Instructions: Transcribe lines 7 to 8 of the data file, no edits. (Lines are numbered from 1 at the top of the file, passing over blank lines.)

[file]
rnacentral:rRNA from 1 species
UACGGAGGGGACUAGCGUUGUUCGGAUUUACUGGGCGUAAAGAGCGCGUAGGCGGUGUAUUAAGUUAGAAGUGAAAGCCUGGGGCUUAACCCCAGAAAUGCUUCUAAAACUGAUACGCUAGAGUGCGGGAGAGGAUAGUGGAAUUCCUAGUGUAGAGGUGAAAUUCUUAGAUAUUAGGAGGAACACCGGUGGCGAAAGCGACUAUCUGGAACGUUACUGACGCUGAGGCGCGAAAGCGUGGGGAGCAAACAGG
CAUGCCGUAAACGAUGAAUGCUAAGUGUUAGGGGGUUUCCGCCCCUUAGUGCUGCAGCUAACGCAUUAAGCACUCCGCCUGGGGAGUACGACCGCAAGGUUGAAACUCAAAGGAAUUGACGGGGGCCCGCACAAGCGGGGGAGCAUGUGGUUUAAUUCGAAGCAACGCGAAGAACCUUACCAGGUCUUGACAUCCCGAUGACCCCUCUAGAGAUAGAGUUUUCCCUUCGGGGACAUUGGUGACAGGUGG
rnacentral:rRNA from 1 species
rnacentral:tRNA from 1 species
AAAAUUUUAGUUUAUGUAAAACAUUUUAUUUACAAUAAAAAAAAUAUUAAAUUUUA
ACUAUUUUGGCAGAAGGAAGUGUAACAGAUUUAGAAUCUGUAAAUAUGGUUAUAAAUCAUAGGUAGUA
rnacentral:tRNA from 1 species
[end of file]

ACUAUUUUGGCAGAAGGAAGUGUAACAGAUUUAGAAUCUGUAAAUAUGGUUAUAAAUCAUAGGUAGUA
rnacentral:tRNA from 1 species